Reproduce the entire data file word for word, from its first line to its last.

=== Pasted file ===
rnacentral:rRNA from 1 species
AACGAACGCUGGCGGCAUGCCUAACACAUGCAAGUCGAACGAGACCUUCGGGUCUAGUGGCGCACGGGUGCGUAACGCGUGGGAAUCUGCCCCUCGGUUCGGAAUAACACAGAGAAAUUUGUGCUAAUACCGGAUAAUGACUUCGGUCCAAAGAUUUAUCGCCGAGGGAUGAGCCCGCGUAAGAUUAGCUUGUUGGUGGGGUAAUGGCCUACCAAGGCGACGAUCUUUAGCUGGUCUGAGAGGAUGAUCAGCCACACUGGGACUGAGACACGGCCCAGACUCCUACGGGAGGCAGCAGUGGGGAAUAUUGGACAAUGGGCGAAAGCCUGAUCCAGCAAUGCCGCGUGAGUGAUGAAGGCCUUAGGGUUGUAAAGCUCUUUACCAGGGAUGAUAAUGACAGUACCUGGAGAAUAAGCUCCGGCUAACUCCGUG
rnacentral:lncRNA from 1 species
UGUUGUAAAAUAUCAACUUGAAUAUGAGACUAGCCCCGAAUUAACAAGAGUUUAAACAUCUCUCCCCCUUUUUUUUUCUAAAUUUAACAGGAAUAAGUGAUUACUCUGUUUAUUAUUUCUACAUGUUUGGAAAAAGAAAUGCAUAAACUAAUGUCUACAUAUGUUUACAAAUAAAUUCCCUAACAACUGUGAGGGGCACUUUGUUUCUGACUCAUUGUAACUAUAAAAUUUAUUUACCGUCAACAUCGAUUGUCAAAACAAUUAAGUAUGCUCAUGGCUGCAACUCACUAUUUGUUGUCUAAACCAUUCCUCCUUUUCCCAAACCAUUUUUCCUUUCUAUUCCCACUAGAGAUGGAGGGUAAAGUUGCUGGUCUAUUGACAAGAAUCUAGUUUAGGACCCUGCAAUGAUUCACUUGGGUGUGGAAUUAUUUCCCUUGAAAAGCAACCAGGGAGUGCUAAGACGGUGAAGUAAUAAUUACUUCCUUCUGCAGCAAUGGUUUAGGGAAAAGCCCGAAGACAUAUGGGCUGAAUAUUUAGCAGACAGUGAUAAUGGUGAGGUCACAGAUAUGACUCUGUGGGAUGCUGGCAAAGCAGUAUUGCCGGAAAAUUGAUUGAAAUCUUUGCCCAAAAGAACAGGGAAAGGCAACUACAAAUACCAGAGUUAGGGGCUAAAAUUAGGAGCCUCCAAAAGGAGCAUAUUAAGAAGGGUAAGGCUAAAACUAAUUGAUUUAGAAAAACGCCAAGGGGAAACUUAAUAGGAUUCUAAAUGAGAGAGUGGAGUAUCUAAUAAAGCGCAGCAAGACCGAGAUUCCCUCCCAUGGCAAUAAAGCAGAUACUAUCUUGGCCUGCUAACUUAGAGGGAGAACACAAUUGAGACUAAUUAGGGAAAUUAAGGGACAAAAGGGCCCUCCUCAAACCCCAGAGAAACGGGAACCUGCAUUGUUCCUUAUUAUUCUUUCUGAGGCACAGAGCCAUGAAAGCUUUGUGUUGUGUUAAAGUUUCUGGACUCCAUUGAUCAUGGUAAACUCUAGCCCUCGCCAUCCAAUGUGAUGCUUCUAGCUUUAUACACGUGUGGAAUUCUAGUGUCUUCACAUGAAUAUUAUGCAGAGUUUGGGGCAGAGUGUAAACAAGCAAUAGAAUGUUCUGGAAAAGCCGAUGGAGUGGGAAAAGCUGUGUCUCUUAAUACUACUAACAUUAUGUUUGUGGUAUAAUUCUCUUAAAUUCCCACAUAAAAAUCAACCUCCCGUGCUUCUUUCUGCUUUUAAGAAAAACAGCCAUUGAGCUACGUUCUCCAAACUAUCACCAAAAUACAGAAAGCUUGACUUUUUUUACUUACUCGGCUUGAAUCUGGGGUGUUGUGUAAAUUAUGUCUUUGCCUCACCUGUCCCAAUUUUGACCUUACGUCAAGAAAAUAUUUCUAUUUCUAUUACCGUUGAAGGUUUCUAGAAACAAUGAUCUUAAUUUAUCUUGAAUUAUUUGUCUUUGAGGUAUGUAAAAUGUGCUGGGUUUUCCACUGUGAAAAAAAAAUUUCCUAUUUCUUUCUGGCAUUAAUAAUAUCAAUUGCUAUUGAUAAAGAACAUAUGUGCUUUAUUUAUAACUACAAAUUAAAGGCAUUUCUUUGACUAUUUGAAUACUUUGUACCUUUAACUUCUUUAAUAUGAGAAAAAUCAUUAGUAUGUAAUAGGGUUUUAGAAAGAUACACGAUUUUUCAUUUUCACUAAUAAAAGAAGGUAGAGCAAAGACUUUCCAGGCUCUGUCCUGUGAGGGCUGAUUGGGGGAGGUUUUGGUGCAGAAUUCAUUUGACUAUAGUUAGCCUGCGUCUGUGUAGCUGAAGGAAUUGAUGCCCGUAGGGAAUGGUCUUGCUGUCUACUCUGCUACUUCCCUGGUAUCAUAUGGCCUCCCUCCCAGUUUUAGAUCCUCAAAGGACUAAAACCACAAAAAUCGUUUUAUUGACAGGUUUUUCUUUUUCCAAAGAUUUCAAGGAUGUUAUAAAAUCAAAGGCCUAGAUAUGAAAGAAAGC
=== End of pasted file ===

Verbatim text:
rnacentral:rRNA from 1 species
AACGAACGCUGGCGGCAUGCCUAACACAUGCAAGUCGAACGAGACCUUCGGGUCUAGUGGCGCACGGGUGCGUAACGCGUGGGAAUCUGCCCCUCGGUUCGGAAUAACACAGAGAAAUUUGUGCUAAUACCGGAUAAUGACUUCGGUCCAAAGAUUUAUCGCCGAGGGAUGAGCCCGCGUAAGAUUAGCUUGUUGGUGGGGUAAUGGCCUACCAAGGCGACGAUCUUUAGCUGGUCUGAGAGGAUGAUCAGCCACACUGGGACUGAGACACGGCCCAGACUCCUACGGGAGGCAGCAGUGGGGAAUAUUGGACAAUGGGCGAAAGCCUGAUCCAGCAAUGCCGCGUGAGUGAUGAAGGCCUUAGGGUUGUAAAGCUCUUUACCAGGGAUGAUAAUGACAGUACCUGGAGAAUAAGCUCCGGCUAACUCCGUG
rnacentral:lncRNA from 1 species
UGUUGUAAAAUAUCAACUUGAAUAUGAGACUAGCCCCGAAUUAACAAGAGUUUAAACAUCUCUCCCCCUUUUUUUUUCUAAAUUUAACAGGAAUAAGUGAUUACUCUGUUUAUUAUUUCUACAUGUUUGGAAAAAGAAAUGCAUAAACUAAUGUCUACAUAUGUUUACAAAUAAAUUCCCUAACAACUGUGAGGGGCACUUUGUUUCUGACUCAUUGUAACUAUAAAAUUUAUUUACCGUCAACAUCGAUUGUCAAAACAAUUAAGUAUGCUCAUGGCUGCAACUCACUAUUUGUUGUCUAAACCAUUCCUCCUUUUCCCAAACCAUUUUUCCUUUCUAUUCCCACUAGAGAUGGAGGGUAAAGUUGCUGGUCUAUUGACAAGAAUCUAGUUUAGGACCCUGCAAUGAUUCACUUGGGUGUGGAAUUAUUUCCCUUGAAAAGCAACCAGGGAGUGCUAAGACGGUGAAGUAAUAAUUACUUCCUUCUGCAGCAAUGGUUUAGGGAAAAGCCCGAAGACAUAUGGGCUGAAUAUUUAGCAGACAGUGAUAAUGGUGAGGUCACAGAUAUGACUCUGUGGGAUGCUGGCAAAGCAGUAUUGCCGGAAAAUUGAUUGAAAUCUUUGCCCAAAAGAACAGGGAAAGGCAACUACAAAUACCAGAGUUAGGGGCUAAAAUUAGGAGCCUCCAAAAGGAGCAUAUUAAGAAGGGUAAGGCUAAAACUAAUUGAUUUAGAAAAACGCCAAGGGGAAACUUAAUAGGAUUCUAAAUGAGAGAGUGGAGUAUCUAAUAAAGCGCAGCAAGACCGAGAUUCCCUCCCAUGGCAAUAAAGCAGAUACUAUCUUGGCCUGCUAACUUAGAGGGAGAACACAAUUGAGACUAAUUAGGGAAAUUAAGGGACAAAAGGGCCCUCCUCAAACCCCAGAGAAACGGGAACCUGCAUUGUUCCUUAUUAUUCUUUCUGAGGCACAGAGCCAUGAAAGCUUUGUGUUGUGUUAAAGUUUCUGGACUCCAUUGAUCAUGGUAAACUCUAGCCCUCGCCAUCCAAUGUGAUGCUUCUAGCUUUAUACACGUGUGGAAUUCUAGUGUCUUCACAUGAAUAUUAUGCAGAGUUUGGGGCAGAGUGUAAACAAGCAAUAGAAUGUUCUGGAAAAGCCGAUGGAGUGGGAAAAGCUGUGUCUCUUAAUACUACUAACAUUAUGUUUGUGGUAUAAUUCUCUUAAAUUCCCACAUAAAAAUCAACCUCCCGUGCUUCUUUCUGCUUUUAAGAAAAACAGCCAUUGAGCUACGUUCUCCAAACUAUCACCAAAAUACAGAAAGCUUGACUUUUUUUACUUACUCGGCUUGAAUCUGGGGUGUUGUGUAAAUUAUGUCUUUGCCUCACCUGUCCCAAUUUUGACCUUACGUCAAGAAAAUAUUUCUAUUUCUAUUACCGUUGAAGGUUUCUAGAAACAAUGAUCUUAAUUUAUCUUGAAUUAUUUGUCUUUGAGGUAUGUAAAAUGUGCUGGGUUUUCCACUGUGAAAAAAAAAUUUCCUAUUUCUUUCUGGCAUUAAUAAUAUCAAUUGCUAUUGAUAAAGAACAUAUGUGCUUUAUUUAUAACUACAAAUUAAAGGCAUUUCUUUGACUAUUUGAAUACUUUGUACCUUUAACUUCUUUAAUAUGAGAAAAAUCAUUAGUAUGUAAUAGGGUUUUAGAAAGAUACACGAUUUUUCAUUUUCACUAAUAAAAGAAGGUAGAGCAAAGACUUUCCAGGCUCUGUCCUGUGAGGGCUGAUUGGGGGAGGUUUUGGUGCAGAAUUCAUUUGACUAUAGUUAGCCUGCGUCUGUGUAGCUGAAGGAAUUGAUGCCCGUAGGGAAUGGUCUUGCUGUCUACUCUGCUACUUCCCUGGUAUCAUAUGGCCUCCCUCCCAGUUUUAGAUCCUCAAAGGACUAAAACCACAAAAAUCGUUUUAUUGACAGGUUUUUCUUUUUCCAAAGAUUUCAAGGAUGUUAUAAAAUCAAAGGCCUAGAUAUGAAAGAAAGC